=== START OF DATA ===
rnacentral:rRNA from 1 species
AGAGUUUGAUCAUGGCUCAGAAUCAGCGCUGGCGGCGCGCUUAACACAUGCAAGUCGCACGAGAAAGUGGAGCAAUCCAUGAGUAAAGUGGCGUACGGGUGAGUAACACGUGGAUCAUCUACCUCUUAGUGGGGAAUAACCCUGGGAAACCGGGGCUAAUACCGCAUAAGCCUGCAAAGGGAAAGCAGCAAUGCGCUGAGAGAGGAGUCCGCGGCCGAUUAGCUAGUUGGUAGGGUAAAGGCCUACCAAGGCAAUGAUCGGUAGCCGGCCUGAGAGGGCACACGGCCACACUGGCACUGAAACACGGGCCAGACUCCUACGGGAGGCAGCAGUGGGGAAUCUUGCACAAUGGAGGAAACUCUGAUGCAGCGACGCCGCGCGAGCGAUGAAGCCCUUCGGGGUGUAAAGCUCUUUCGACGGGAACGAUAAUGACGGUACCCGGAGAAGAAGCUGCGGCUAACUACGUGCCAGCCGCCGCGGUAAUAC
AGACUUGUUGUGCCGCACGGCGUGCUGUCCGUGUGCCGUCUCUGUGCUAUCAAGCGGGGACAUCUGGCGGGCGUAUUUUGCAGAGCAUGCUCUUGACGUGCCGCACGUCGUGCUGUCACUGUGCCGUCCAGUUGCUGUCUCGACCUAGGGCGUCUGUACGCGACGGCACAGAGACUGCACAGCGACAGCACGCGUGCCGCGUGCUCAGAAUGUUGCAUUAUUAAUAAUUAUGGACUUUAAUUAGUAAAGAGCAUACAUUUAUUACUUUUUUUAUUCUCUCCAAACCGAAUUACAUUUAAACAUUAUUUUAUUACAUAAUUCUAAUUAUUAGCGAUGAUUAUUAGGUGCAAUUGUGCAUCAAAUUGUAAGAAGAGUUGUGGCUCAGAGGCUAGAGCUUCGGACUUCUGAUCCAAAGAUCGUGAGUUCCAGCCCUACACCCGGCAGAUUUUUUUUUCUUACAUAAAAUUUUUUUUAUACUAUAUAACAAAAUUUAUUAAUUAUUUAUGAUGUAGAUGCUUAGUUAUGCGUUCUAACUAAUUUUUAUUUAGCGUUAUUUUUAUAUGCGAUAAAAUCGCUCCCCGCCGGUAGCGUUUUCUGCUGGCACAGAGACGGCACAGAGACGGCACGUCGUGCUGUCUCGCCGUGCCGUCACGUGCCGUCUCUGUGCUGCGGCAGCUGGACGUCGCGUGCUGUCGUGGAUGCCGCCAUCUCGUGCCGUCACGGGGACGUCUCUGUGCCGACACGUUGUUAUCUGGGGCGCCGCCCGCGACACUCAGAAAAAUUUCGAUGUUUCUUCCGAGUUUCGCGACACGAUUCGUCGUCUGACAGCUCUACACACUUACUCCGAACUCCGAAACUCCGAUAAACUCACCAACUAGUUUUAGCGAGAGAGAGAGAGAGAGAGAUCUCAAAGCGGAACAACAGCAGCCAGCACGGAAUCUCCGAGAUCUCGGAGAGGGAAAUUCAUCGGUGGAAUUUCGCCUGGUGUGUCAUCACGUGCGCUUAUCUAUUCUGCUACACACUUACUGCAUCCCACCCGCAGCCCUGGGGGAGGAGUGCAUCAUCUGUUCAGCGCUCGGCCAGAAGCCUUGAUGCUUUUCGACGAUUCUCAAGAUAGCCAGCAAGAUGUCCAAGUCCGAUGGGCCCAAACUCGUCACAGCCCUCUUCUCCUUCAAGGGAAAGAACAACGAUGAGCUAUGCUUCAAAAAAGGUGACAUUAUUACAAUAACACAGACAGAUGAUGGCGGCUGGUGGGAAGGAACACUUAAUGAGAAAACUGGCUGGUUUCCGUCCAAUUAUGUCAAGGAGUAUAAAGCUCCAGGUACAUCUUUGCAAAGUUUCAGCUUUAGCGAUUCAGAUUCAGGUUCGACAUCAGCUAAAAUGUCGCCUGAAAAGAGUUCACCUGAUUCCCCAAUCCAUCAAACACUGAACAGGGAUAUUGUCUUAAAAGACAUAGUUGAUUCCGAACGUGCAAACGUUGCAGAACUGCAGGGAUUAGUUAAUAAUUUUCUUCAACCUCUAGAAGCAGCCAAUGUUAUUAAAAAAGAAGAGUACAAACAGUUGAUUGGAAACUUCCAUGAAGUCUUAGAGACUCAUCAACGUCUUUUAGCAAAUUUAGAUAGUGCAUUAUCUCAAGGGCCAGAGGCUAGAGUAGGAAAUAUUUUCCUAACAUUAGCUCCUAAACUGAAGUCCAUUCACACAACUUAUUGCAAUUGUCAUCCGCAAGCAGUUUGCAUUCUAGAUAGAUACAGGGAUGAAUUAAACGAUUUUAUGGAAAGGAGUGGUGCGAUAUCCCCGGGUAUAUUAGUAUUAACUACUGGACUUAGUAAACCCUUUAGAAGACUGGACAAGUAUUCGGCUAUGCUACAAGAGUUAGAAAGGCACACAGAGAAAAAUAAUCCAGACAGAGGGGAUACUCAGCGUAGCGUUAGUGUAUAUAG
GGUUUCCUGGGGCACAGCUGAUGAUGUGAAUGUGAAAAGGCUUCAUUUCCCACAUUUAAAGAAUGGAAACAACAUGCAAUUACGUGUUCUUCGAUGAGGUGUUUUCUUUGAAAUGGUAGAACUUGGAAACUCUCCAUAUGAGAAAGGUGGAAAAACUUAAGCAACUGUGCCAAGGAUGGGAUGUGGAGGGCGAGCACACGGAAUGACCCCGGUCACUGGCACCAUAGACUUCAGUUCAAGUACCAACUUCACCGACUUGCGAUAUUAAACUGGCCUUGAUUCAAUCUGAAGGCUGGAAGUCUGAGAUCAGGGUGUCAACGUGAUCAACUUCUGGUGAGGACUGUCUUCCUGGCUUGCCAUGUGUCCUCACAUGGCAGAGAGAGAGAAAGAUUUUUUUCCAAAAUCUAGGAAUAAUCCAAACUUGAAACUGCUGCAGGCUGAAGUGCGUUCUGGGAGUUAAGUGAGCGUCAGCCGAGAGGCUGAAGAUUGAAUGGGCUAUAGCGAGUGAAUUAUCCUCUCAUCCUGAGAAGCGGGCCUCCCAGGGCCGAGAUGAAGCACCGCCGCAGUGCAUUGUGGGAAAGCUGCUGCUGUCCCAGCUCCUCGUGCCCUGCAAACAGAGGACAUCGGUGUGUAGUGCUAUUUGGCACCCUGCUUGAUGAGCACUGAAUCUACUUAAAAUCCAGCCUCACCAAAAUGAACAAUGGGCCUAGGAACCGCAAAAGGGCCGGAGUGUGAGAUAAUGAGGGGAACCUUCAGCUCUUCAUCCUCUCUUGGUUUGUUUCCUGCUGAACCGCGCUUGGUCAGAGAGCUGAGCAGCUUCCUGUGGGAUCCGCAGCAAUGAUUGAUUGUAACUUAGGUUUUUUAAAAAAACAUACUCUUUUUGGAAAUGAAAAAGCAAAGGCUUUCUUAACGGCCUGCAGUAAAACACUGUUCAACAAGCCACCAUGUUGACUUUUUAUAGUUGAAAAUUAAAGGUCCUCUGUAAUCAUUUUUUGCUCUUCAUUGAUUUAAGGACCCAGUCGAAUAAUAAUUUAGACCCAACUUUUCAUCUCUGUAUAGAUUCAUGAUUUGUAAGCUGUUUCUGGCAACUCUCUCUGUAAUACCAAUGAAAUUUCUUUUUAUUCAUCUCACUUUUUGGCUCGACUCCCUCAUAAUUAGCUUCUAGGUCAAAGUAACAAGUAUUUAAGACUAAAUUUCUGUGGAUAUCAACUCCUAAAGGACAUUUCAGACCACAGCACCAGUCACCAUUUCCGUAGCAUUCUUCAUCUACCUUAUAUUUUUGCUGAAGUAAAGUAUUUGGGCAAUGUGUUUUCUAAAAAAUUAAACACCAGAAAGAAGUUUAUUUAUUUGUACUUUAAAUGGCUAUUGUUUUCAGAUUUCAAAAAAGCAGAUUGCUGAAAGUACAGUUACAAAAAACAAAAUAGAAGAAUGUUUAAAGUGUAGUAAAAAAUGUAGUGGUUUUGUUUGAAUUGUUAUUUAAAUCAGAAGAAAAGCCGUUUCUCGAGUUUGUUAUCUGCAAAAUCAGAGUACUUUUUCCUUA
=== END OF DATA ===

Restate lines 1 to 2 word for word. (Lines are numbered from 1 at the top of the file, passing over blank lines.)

rnacentral:rRNA from 1 species
AGAGUUUGAUCAUGGCUCAGAAUCAGCGCUGGCGGCGCGCUUAACACAUGCAAGUCGCACGAGAAAGUGGAGCAAUCCAUGAGUAAAGUGGCGUACGGGUGAGUAACACGUGGAUCAUCUACCUCUUAGUGGGGAAUAACCCUGGGAAACCGGGGCUAAUACCGCAUAAGCCUGCAAAGGGAAAGCAGCAAUGCGCUGAGAGAGGAGUCCGCGGCCGAUUAGCUAGUUGGUAGGGUAAAGGCCUACCAAGGCAAUGAUCGGUAGCCGGCCUGAGAGGGCACACGGCCACACUGGCACUGAAACACGGGCCAGACUCCUACGGGAGGCAGCAGUGGGGAAUCUUGCACAAUGGAGGAAACUCUGAUGCAGCGACGCCGCGCGAGCGAUGAAGCCCUUCGGGGUGUAAAGCUCUUUCGACGGGAACGAUAAUGACGGUACCCGGAGAAGAAGCUGCGGCUAACUACGUGCCAGCCGCCGCGGUAAUAC